Why do so many U.S. scientists continue to lean on the language of apolitical science, even as political leaders display less and less interest in scientists’ claims to expertise, or even the existence of facts? In a new book, Freedom’s Laboratory: The Cold War Struggle for the Soul of Science, historian Audra J. Wolfe suggests the answer lies in Cold war propaganda.
From the late 1940s through the late 1960s, the US foreign policy establishment saw a particular way of thinking about scientific freedom as essential to winning the global Cold War. Throughout this period, the engines of US propaganda amplified, circulated, and, in some cases, produced a vision of science, American style, that highlighted scientists’ independence from outside interference and government control. Working (both overly and covertly, wittingly and unwittingly) with governmental and private organizations, U.S. scientists tried to come to terms with the meanings of “scientific freedom” and “U.S. ideology.” More often than not, they ended up defining scientific values as the opposite of Communist science. Science, in this view, was apolitical.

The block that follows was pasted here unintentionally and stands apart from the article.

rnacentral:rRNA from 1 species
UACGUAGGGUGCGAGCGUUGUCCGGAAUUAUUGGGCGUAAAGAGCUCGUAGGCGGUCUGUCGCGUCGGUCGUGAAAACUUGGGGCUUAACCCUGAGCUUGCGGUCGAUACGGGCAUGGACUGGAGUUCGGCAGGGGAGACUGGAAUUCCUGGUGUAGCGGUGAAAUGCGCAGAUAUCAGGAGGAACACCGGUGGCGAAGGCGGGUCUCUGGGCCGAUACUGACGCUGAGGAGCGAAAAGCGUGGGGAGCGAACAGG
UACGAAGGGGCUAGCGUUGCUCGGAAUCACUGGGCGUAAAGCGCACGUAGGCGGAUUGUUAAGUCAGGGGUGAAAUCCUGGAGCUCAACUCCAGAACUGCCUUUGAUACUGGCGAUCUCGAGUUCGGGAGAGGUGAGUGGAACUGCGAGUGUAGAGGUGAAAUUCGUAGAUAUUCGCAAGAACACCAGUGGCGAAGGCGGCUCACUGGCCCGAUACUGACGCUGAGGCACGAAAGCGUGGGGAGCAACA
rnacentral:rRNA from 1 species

The Cold War ended long ago, but the language of science and freedom continues to shape public debates over the relationship between science and politics in the United States.
Audra J. Wolfe, Ph.D., is the author of Freedom’s Laboratory: The Cold War Struggle for the Soul of Science (2018) and Competing with the Soviets: Science, Technology, and the State in Cold War America (2013). A Philadelphia-based writer and editor, her work has appeared in the Washington Post, TheAtlantic.com, Slate, and the popular podcast American History Tellers, as well as more scholarly venues. Additional information is available on Wolfe’s website, http://audrajwolfe.com. She tweets @ColdWarScience.
The Descartes-Huygens Lecture is organized annually to give a wider audience access to current trends and new insights in the history of science. It features a leading member of the international history of science community. The event is organized alternately by the Huygens Institute for the History of the Netherlands (Amsterdam) and the Descartes Centre for the History and Philosophy of Science (Utrecht).
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